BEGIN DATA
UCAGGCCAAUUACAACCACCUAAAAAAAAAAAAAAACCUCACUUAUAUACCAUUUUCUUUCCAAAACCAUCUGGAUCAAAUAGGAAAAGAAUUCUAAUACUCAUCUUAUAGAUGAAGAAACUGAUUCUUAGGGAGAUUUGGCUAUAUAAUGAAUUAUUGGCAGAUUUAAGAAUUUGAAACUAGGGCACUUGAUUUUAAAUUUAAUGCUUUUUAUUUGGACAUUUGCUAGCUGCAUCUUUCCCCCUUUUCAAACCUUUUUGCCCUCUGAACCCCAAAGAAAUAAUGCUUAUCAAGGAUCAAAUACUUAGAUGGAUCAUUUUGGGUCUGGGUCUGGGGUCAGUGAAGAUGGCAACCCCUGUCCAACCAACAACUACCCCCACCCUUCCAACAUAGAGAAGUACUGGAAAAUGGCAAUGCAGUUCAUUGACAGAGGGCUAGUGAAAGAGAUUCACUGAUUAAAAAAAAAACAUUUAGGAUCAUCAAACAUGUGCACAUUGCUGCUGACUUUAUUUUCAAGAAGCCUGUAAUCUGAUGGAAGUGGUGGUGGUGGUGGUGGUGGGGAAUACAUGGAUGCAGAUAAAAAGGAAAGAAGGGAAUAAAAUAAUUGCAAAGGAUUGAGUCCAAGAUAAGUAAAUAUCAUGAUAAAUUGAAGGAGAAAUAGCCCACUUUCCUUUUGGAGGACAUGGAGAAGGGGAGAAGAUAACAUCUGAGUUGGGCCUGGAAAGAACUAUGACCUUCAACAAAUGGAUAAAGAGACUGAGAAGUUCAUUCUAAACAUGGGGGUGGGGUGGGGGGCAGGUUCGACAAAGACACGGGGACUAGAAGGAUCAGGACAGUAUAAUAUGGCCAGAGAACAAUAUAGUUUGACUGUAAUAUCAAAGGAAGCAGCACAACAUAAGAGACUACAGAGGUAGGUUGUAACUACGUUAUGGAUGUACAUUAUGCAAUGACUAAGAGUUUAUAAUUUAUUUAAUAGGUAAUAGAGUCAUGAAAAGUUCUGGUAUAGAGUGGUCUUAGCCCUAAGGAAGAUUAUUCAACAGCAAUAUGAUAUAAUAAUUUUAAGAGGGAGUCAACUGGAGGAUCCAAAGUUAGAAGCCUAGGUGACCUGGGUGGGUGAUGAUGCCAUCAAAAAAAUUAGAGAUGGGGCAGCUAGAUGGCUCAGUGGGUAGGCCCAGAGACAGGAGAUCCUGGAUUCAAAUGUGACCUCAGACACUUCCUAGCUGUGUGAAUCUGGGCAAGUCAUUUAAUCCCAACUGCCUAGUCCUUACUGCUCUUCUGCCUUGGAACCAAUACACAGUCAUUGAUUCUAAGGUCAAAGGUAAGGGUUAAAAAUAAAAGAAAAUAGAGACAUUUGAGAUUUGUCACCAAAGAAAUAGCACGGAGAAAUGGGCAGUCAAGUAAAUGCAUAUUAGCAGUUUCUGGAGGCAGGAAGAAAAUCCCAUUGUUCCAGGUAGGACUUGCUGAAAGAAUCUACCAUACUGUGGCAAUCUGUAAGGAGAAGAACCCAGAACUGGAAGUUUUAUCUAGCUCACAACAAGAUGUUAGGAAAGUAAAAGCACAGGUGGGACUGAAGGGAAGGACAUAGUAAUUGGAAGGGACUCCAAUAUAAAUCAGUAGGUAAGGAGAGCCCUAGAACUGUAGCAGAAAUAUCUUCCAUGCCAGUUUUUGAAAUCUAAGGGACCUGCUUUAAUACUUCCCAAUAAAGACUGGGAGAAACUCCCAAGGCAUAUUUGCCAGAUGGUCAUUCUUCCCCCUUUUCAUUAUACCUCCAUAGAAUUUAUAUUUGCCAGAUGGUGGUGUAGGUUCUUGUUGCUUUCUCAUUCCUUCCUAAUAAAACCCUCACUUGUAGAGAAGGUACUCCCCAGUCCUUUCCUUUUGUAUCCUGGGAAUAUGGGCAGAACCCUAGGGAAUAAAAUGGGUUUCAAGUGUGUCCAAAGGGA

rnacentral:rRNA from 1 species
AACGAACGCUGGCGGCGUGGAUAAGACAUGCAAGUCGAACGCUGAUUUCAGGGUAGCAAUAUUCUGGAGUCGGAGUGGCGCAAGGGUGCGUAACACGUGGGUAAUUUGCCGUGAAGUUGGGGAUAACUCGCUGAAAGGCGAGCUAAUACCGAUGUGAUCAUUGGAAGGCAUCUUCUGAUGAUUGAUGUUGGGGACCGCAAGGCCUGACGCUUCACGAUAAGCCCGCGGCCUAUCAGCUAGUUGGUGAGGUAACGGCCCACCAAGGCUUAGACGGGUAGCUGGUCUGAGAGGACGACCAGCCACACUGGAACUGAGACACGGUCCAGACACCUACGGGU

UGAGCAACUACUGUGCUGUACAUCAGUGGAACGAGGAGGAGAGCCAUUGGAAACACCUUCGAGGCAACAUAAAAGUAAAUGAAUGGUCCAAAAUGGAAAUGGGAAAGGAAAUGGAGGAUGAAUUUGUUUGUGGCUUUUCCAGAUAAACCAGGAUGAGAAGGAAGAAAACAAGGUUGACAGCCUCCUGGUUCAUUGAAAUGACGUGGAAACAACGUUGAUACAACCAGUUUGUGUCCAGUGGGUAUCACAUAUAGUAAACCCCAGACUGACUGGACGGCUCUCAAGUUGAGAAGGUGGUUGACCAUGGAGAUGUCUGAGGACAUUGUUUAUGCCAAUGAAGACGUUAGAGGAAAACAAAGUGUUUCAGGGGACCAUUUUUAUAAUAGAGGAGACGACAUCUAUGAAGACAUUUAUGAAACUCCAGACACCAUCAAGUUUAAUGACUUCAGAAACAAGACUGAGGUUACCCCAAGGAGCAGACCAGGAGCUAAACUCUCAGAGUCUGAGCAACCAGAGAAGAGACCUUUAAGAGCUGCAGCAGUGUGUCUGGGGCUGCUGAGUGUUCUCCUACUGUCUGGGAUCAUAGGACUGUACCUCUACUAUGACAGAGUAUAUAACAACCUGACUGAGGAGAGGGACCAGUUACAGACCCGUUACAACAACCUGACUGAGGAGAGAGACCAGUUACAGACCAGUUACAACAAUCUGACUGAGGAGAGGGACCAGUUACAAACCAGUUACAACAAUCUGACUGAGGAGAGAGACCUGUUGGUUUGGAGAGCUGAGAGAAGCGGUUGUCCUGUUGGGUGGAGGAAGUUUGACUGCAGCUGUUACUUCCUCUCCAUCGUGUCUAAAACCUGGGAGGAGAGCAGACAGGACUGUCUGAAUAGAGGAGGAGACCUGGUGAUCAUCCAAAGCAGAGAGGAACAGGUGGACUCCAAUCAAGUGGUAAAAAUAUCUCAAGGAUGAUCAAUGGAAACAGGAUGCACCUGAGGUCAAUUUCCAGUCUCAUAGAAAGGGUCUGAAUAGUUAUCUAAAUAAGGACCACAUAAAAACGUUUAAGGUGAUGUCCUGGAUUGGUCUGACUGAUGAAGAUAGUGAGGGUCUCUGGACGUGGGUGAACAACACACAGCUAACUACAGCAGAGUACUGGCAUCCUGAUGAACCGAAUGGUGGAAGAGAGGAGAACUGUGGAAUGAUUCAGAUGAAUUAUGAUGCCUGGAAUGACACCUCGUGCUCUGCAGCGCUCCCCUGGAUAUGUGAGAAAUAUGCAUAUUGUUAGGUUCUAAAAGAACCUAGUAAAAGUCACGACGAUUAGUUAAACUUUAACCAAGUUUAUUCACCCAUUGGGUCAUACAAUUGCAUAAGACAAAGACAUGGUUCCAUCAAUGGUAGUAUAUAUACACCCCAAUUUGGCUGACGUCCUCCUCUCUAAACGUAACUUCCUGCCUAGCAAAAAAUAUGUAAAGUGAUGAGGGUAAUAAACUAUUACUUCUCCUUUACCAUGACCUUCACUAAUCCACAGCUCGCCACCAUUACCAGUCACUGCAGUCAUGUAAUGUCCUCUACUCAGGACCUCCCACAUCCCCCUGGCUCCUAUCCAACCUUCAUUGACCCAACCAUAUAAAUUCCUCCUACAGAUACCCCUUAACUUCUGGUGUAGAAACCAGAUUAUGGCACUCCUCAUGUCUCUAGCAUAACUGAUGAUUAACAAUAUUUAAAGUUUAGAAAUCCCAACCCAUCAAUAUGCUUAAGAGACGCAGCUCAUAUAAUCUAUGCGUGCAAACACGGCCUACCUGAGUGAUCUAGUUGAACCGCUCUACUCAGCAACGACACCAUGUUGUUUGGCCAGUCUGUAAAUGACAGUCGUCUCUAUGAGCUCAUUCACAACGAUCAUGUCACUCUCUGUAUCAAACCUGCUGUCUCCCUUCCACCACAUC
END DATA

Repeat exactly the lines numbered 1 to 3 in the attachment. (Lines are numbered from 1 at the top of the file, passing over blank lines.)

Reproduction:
UCAGGCCAAUUACAACCACCUAAAAAAAAAAAAAAACCUCACUUAUAUACCAUUUUCUUUCCAAAACCAUCUGGAUCAAAUAGGAAAAGAAUUCUAAUACUCAUCUUAUAGAUGAAGAAACUGAUUCUUAGGGAGAUUUGGCUAUAUAAUGAAUUAUUGGCAGAUUUAAGAAUUUGAAACUAGGGCACUUGAUUUUAAAUUUAAUGCUUUUUAUUUGGACAUUUGCUAGCUGCAUCUUUCCCCCUUUUCAAACCUUUUUGCCCUCUGAACCCCAAAGAAAUAAUGCUUAUCAAGGAUCAAAUACUUAGAUGGAUCAUUUUGGGUCUGGGUCUGGGGUCAGUGAAGAUGGCAACCCCUGUCCAACCAACAACUACCCCCACCCUUCCAACAUAGAGAAGUACUGGAAAAUGGCAAUGCAGUUCAUUGACAGAGGGCUAGUGAAAGAGAUUCACUGAUUAAAAAAAAAACAUUUAGGAUCAUCAAACAUGUGCACAUUGCUGCUGACUUUAUUUUCAAGAAGCCUGUAAUCUGAUGGAAGUGGUGGUGGUGGUGGUGGUGGGGAAUACAUGGAUGCAGAUAAAAAGGAAAGAAGGGAAUAAAAUAAUUGCAAAGGAUUGAGUCCAAGAUAAGUAAAUAUCAUGAUAAAUUGAAGGAGAAAUAGCCCACUUUCCUUUUGGAGGACAUGGAGAAGGGGAGAAGAUAACAUCUGAGUUGGGCCUGGAAAGAACUAUGACCUUCAACAAAUGGAUAAAGAGACUGAGAAGUUCAUUCUAAACAUGGGGGUGGGGUGGGGGGCAGGUUCGACAAAGACACGGGGACUAGAAGGAUCAGGACAGUAUAAUAUGGCCAGAGAACAAUAUAGUUUGACUGUAAUAUCAAAGGAAGCAGCACAACAUAAGAGACUACAGAGGUAGGUUGUAACUACGUUAUGGAUGUACAUUAUGCAAUGACUAAGAGUUUAUAAUUUAUUUAAUAGGUAAUAGAGUCAUGAAAAGUUCUGGUAUAGAGUGGUCUUAGCCCUAAGGAAGAUUAUUCAACAGCAAUAUGAUAUAAUAAUUUUAAGAGGGAGUCAACUGGAGGAUCCAAAGUUAGAAGCCUAGGUGACCUGGGUGGGUGAUGAUGCCAUCAAAAAAAUUAGAGAUGGGGCAGCUAGAUGGCUCAGUGGGUAGGCCCAGAGACAGGAGAUCCUGGAUUCAAAUGUGACCUCAGACACUUCCUAGCUGUGUGAAUCUGGGCAAGUCAUUUAAUCCCAACUGCCUAGUCCUUACUGCUCUUCUGCCUUGGAACCAAUACACAGUCAUUGAUUCUAAGGUCAAAGGUAAGGGUUAAAAAUAAAAGAAAAUAGAGACAUUUGAGAUUUGUCACCAAAGAAAUAGCACGGAGAAAUGGGCAGUCAAGUAAAUGCAUAUUAGCAGUUUCUGGAGGCAGGAAGAAAAUCCCAUUGUUCCAGGUAGGACUUGCUGAAAGAAUCUACCAUACUGUGGCAAUCUGUAAGGAGAAGAACCCAGAACUGGAAGUUUUAUCUAGCUCACAACAAGAUGUUAGGAAAGUAAAAGCACAGGUGGGACUGAAGGGAAGGACAUAGUAAUUGGAAGGGACUCCAAUAUAAAUCAGUAGGUAAGGAGAGCCCUAGAACUGUAGCAGAAAUAUCUUCCAUGCCAGUUUUUGAAAUCUAAGGGACCUGCUUUAAUACUUCCCAAUAAAGACUGGGAGAAACUCCCAAGGCAUAUUUGCCAGAUGGUCAUUCUUCCCCCUUUUCAUUAUACCUCCAUAGAAUUUAUAUUUGCCAGAUGGUGGUGUAGGUUCUUGUUGCUUUCUCAUUCCUUCCUAAUAAAACCCUCACUUGUAGAGAAGGUACUCCCCAGUCCUUUCCUUUUGUAUCCUGGGAAUAUGGGCAGAACCCUAGGGAAUAAAAUGGGUUUCAAGUGUGUCCAAAGGGA

rnacentral:rRNA from 1 species
AACGAACGCUGGCGGCGUGGAUAAGACAUGCAAGUCGAACGCUGAUUUCAGGGUAGCAAUAUUCUGGAGUCGGAGUGGCGCAAGGGUGCGUAACACGUGGGUAAUUUGCCGUGAAGUUGGGGAUAACUCGCUGAAAGGCGAGCUAAUACCGAUGUGAUCAUUGGAAGGCAUCUUCUGAUGAUUGAUGUUGGGGACCGCAAGGCCUGACGCUUCACGAUAAGCCCGCGGCCUAUCAGCUAGUUGGUGAGGUAACGGCCCACCAAGGCUUAGACGGGUAGCUGGUCUGAGAGGACGACCAGCCACACUGGAACUGAGACACGGUCCAGACACCUACGGGU